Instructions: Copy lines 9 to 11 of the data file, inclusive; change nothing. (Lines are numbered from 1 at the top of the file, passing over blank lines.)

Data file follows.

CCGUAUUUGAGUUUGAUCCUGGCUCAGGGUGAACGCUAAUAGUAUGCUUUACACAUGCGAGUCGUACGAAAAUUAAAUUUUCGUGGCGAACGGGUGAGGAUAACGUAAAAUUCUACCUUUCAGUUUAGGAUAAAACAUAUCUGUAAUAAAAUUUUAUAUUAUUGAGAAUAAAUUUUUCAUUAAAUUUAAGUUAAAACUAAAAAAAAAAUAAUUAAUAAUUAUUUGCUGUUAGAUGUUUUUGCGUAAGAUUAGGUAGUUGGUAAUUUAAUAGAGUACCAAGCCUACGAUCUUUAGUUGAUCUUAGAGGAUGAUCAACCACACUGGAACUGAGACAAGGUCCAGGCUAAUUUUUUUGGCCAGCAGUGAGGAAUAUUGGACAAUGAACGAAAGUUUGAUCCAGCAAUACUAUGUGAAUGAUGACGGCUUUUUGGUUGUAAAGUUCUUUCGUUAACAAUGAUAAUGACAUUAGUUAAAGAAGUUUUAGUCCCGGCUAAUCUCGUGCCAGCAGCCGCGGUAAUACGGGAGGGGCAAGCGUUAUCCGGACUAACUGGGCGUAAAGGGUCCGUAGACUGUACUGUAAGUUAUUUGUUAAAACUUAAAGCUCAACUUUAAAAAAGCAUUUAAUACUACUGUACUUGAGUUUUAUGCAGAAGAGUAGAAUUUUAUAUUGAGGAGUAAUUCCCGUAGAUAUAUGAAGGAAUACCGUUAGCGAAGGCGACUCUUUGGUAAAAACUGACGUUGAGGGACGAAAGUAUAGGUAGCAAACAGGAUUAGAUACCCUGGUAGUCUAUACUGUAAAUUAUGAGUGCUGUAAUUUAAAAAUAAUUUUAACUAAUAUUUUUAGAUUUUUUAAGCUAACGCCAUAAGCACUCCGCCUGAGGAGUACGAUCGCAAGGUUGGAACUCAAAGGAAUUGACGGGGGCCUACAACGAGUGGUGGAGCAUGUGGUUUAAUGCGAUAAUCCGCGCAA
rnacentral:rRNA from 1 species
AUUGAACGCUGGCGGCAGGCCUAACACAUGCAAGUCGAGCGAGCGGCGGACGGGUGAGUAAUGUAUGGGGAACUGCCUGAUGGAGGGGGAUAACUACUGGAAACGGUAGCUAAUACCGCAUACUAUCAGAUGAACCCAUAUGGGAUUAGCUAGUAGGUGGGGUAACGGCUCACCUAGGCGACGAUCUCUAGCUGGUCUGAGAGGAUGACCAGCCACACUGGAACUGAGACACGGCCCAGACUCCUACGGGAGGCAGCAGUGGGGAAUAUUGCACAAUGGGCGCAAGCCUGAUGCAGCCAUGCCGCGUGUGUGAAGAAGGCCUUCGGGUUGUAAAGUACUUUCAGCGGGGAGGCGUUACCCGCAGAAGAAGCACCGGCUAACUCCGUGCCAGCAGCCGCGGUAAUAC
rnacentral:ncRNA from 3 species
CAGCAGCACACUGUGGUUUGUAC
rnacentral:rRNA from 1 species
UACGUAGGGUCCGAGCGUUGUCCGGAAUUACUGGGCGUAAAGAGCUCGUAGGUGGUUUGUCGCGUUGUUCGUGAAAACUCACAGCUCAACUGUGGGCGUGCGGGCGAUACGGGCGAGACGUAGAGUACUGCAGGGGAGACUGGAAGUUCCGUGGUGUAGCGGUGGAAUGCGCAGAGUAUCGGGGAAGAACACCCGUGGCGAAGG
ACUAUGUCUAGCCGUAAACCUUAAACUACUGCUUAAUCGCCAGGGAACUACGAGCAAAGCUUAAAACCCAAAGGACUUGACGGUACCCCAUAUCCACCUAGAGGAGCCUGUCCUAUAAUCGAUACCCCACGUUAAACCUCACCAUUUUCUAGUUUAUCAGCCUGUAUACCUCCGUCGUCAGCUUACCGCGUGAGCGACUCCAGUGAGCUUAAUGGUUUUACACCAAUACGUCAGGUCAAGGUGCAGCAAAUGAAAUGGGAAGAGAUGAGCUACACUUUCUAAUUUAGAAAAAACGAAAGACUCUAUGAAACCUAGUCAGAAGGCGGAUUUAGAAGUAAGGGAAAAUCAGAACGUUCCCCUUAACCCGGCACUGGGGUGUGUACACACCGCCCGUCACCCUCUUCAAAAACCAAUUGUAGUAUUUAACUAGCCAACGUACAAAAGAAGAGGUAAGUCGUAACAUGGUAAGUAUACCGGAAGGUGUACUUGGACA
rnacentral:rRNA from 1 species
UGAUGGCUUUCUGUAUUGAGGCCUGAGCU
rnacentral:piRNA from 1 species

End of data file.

rnacentral:rRNA from 1 species
UGAUGGCUUUCUGUAUUGAGGCCUGAGCU
rnacentral:piRNA from 1 species